There is no better way to learn something than to build a small functional application using it. By following the philosophy of “learn by doing” we can ensure that not only do we understand concepts in the moment – but we also retain them for longer periods of time.
In this tutorial, we’ll be working on a Gamer Survey website which aims to collect important data such as Age, Playing Hours, Recently Played Games all while using tons of jQuery Mobile Features. This way, we’ll cover almost all the important functionality that jQuery Mobile provides
At the end, we’ll also be adding a dark theme to the app to give it a more modern look.
To keep you excited, here’s a demo of the final application:
Part#1 – Installing the Required Tools for jQuery Mobile Development
IDE ( Optional )
Since we’ll be writing code to build a jQuery Mobile App we need a Code Editor or an IDE ( Integrated Development Environment ).
If you don’t know what an IDE is, it’s a program which provides features such as Syntax Highlighting, Error Detection, and much more.
There are many popular IDE’s on the market ( Sublime text, Atom, Notepad++, etc )
But for our purposes we’ll be using Visual Studio Code, which has the most features, and is a good choice for both beginners and advanced users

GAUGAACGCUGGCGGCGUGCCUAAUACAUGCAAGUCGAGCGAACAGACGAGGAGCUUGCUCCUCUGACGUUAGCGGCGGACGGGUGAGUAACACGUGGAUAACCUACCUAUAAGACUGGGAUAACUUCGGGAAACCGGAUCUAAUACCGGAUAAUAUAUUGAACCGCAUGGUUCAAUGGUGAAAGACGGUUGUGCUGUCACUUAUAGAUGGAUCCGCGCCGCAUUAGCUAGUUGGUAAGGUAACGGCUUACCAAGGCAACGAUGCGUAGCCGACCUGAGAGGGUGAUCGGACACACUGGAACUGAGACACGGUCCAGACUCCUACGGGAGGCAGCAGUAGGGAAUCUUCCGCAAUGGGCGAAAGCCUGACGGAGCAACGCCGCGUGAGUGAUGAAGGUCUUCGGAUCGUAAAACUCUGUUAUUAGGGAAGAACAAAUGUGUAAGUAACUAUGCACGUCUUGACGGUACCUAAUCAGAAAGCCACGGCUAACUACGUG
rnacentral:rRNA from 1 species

Any modern browser that can run standard HTML Websites such as Google Chrome or Firefox
Part#2 – Setting up the Gamer Survey Project using jQuery Mobile
To create a new jQuery Mobile project, we start by
- Creating a project folder gamer_survey and adding an index.html file to it
- Inside the index.html file, we get started by writing standard HTML starter code
<!DOCTYPE html> <html> <head> <meta charset="UTF-8" /> <meta http-equiv="X-UA-Compatible" content="IE=edge" /> <meta name="viewport" content="width=device-width, initial-scale=1.0" /> <title>Gamer Survey</title> </head> <body></body> </html>
- In the above code, we start off by writing <!DOCTYPE html> to declare that this is an html document
- Then, inside the <html> tag, we add <head> and <body> elements. If you haven’t worked with HTML before, <head> tag contains all of the Metadata or Website Information that is not displayed to the user. Whereas, every element inside the <body> tag is visible to the user